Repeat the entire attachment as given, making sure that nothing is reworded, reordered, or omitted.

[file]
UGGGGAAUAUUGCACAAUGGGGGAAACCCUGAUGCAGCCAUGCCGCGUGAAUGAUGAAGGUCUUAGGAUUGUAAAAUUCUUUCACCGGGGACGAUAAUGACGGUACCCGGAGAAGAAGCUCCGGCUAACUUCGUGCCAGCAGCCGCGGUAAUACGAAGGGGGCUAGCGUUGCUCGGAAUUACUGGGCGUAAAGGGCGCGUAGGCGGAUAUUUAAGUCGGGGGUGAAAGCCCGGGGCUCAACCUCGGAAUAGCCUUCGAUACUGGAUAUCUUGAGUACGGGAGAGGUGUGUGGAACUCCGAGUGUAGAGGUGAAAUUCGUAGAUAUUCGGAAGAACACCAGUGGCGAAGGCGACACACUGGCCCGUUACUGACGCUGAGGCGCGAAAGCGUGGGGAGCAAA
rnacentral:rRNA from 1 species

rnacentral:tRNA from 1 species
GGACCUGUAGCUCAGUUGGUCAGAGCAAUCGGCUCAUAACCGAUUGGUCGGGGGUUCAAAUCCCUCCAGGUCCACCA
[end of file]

UGGGGAAUAUUGCACAAUGGGGGAAACCCUGAUGCAGCCAUGCCGCGUGAAUGAUGAAGGUCUUAGGAUUGUAAAAUUCUUUCACCGGGGACGAUAAUGACGGUACCCGGAGAAGAAGCUCCGGCUAACUUCGUGCCAGCAGCCGCGGUAAUACGAAGGGGGCUAGCGUUGCUCGGAAUUACUGGGCGUAAAGGGCGCGUAGGCGGAUAUUUAAGUCGGGGGUGAAAGCCCGGGGCUCAACCUCGGAAUAGCCUUCGAUACUGGAUAUCUUGAGUACGGGAGAGGUGUGUGGAACUCCGAGUGUAGAGGUGAAAUUCGUAGAUAUUCGGAAGAACACCAGUGGCGAAGGCGACACACUGGCCCGUUACUGACGCUGAGGCGCGAAAGCGUGGGGAGCAAA
rnacentral:rRNA from 1 species

rnacentral:tRNA from 1 species
GGACCUGUAGCUCAGUUGGUCAGAGCAAUCGGCUCAUAACCGAUUGGUCGGGGGUUCAAAUCCCUCCAGGUCCACCA